The various Buddhist groups that we see today equally claim to be descendants of Shakamuni. Of course, there is no such thing as a monastic group that is exactly the same as it was at the time of Shakamuni, but those who claim to be descendants of Shakamuni must, to some extent, have retained the basic principles of Shakamuni. It is not a matter of doctrine. The important criterion is the practical standpoint of the group in terms of the means by which it earns its living and sets up its relationship with the outside world. Is it in accordance with the basic blueprint drawn by Shakamuni, or does it deviate from it, and if so, to what extent and where? It is important to clarify this point. And this can only be clarified through a comparison with the unique legal system of the Buddhist monastic community of Yulchang. I have published this book in the hope that it will help in this work. There must be many corrections and additions to be made. I look forward to your comments and criticisms.

Daizo Shuppan, Kan Sasaki, "What is an ordained priest?" p. 291-292

I am a priest of the Jodo Shinshu sect. Shinran Shonin, the founder of Jodo Shinshu, was a monk who insisted on a unique view of precepts and ordination that was "non-monastic and non secular. One of the most famous of his views was that of wife and child. This is a clear departure from Indian Buddhism, as Dr. Sasaki mentioned above. In Japan, however, Buddhism has been integrated into society without any deviation from these precepts. I strongly felt that we must reconsider the reasons for such deviations, the differences from those in India and Sri Lanka that led to this situation, and what makes a Buddhist organization claim to be a Buddhist organization. I have a sense of crisis that this is no longer an era in which we can simply "go along with things as they are.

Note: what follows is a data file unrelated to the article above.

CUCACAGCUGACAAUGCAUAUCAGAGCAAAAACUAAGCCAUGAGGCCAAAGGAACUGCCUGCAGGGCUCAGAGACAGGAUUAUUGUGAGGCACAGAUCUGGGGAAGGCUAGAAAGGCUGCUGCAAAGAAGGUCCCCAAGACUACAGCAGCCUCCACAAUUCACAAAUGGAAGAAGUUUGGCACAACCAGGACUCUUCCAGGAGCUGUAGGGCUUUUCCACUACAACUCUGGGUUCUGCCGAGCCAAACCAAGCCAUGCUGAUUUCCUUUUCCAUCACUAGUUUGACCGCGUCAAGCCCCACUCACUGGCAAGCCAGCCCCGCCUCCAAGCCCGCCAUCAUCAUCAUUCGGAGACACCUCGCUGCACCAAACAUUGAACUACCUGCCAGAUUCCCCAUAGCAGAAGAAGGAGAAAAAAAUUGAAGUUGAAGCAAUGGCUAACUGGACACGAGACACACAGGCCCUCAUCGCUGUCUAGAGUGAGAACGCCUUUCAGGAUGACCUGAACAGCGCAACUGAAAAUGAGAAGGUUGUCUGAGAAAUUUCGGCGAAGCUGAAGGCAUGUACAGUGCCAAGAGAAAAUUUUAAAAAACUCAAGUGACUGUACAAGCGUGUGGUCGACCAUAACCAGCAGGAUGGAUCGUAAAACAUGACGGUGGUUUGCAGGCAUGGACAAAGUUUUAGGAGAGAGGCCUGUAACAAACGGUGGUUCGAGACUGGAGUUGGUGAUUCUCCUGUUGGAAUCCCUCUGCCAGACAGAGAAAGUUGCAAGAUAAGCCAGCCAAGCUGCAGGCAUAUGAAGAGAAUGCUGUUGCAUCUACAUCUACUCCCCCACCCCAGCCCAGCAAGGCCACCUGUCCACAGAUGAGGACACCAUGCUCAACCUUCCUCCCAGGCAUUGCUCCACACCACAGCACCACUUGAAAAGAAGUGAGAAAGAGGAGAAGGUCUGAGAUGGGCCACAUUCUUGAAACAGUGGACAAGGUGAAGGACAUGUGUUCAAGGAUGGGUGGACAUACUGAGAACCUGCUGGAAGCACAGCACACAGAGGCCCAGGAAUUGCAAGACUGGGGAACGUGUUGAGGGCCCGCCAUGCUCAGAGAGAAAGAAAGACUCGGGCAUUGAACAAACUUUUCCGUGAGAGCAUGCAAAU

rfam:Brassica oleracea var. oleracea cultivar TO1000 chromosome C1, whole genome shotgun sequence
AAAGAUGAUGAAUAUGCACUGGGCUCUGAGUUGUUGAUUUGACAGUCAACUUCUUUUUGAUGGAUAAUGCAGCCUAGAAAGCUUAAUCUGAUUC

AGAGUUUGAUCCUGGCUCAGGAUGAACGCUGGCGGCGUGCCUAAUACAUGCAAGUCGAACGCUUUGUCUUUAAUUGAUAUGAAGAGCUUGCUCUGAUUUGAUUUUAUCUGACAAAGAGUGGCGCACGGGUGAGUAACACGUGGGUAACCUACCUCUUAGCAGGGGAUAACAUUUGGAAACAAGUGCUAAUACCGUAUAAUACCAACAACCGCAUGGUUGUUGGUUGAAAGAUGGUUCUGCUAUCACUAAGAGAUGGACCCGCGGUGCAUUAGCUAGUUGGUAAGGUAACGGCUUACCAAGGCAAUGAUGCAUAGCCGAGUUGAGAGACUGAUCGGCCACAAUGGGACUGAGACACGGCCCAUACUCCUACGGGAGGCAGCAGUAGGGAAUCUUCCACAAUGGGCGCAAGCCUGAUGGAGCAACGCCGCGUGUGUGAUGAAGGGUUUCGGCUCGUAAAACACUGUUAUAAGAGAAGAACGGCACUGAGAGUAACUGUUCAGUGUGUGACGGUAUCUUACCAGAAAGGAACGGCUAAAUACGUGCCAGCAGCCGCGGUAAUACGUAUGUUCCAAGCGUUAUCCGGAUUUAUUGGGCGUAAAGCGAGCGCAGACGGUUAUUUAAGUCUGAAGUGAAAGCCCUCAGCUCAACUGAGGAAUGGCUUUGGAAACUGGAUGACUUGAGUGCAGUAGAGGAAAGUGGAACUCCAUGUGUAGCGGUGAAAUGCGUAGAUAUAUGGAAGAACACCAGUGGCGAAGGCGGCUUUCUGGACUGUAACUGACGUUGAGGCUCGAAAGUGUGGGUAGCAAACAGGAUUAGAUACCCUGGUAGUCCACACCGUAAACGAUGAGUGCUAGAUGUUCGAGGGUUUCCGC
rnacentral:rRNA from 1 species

This book also discusses the uniqueness of Japanese Buddhism. It is only by comparing the two that we can see what we are looking for. The book is also a very stimulating look at early Buddhist life in India and Sri Lanka.

This is my own experience, but when I belong to Jodo Shinshu, I have many opportunities to read books written from a Shinshu perspective or those that focus on Shinran's philosophy. This is natural for a Shin Buddhist monk, and if one does not understand the teachings of one's own denomination, it is a complete failure. I would like to continue learning about Buddhism with this perspective in mind.

This book is a bit tough for a complete beginner in Buddhism, but it is a great book that I would highly recommend to anyone who wants to learn more about Buddhism. I highly recommend this book to anyone who wants to know more about Buddhism.

The above is "Kan Sasaki, "What is an ordained priest?" - What is a priest in the first place? A recommended reference book for thinking about Japanese Buddhism and precepts".